b l u e p r i n t  2 0 1 3

c a t a l o g u e

A catalogue will be available for sale at various venues during the event.  It is published by Glasgow Print Studio in conjunction with Street Level Photoworks.  The contents are listed below:

Preface (included below)

Articles on:

Cyanotype: a Blueprint for Visual Vandalism?  -  Mike Ware

Photo-mechanical reproduction, industrial duplication and the machine aesthetic  - Frances Robertson 

The Carbon Process and Photogravure  -  Harry Magee & Roger Farnham

Gel Lithography  -  Roger Farnham

An Alumni Map -  Roger Farnham & Frances Robertson


The Scottish Society for the History of Photography

The archives & collections:

The University of Glasgow


   Library Special Collection

Glasgow Libraries

   Mitchell Library - The Glasgow Archive

   Hillhead Library - The Electric Theatre

Glasgow Museums

   Resource Centre (GMRC)

   Riverside Museum

Institution of Engineering and Technology

   IET Scotland

   Teacher Building

The exhibitions:

Trongate 103

Glasgow Print Studio

  Photography in Printmaking

Street Level Photoworks

   Dreaming of Cyanotypes - the Yin and the Yang of image-making 

RGI Kelly Gallery

   George Wyllie: Scul?tor and Navigator

Hidden Lane Gallery

  Palladium and Platinum Prints by Margaret Watkins and others

  from the Clarence H White School of Photography 

Further Reading 


The original concept for  b l u e p r i n t  was to have two concurrent exhibitions, one in Street Level Photoworks, the second in the Glasgow Print Studio, which would explore the interfaces between ‘alternative’ photographic processes and fine art printmaking. The galleries had become next door neighbours in 2009, when Glasgow City Council created Trongate 103. The idea was to link the exhibitions by showing some of the technology which bridged their respective disciplines on the walls between the two galleries.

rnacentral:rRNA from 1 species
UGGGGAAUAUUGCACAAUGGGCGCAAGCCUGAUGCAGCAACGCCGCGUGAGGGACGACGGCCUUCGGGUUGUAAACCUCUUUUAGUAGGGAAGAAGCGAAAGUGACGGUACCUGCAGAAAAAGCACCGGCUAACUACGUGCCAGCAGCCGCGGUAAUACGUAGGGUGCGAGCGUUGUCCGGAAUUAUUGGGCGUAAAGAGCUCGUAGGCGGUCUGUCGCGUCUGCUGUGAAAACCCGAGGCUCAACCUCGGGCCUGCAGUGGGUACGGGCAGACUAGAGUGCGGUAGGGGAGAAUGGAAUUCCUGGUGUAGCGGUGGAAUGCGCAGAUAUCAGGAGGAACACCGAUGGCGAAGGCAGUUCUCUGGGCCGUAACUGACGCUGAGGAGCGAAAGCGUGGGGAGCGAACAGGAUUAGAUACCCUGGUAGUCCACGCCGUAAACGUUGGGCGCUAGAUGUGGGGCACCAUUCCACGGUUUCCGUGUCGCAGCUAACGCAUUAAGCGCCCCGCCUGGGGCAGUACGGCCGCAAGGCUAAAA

In researching examples of alternative photographic processes, it became evident that Glasgow Museums have one of the few extant sets of cyanotypes making up the first book with photographic illustrations, ‘Photographs of British Algae: Cyanotype Impressions’, by Anna Atkins. A visit to Glasgow’s Mitchell Library to see blueprint drawings held in the City Archive lead to Glasgow University’s Archive and the drawings for the ‘Big Loco’, which had recently become the star of the newly opened Riverside Museum. Discussion with the Scottish Society for the History of Photography (SSHoP) suggested that an engineering angle deserved deeper consideration and the project began to grow like Topsy; the two initial exhibitions turned into events involving six exhibitions, a Heritage Trail encompassing four archives and a museum, together with a number of lectures and talks.

As well as cyanotypes, carbon prints are also being exhibited; these make a neat tie-in with engineering as Joseph Swan, perfector of the carbon printing process, was also the man who perfected the light bulb a few years later and indeed went on to become the President of the Institution of Electrical Engineers. Another key alternative process, platinum/palladium printing, is represented in an exhibition of palladium prints by Margaret Watkins. At Glasgow Print Studio most of the printmaking processes which can create a photographically originated image are represented.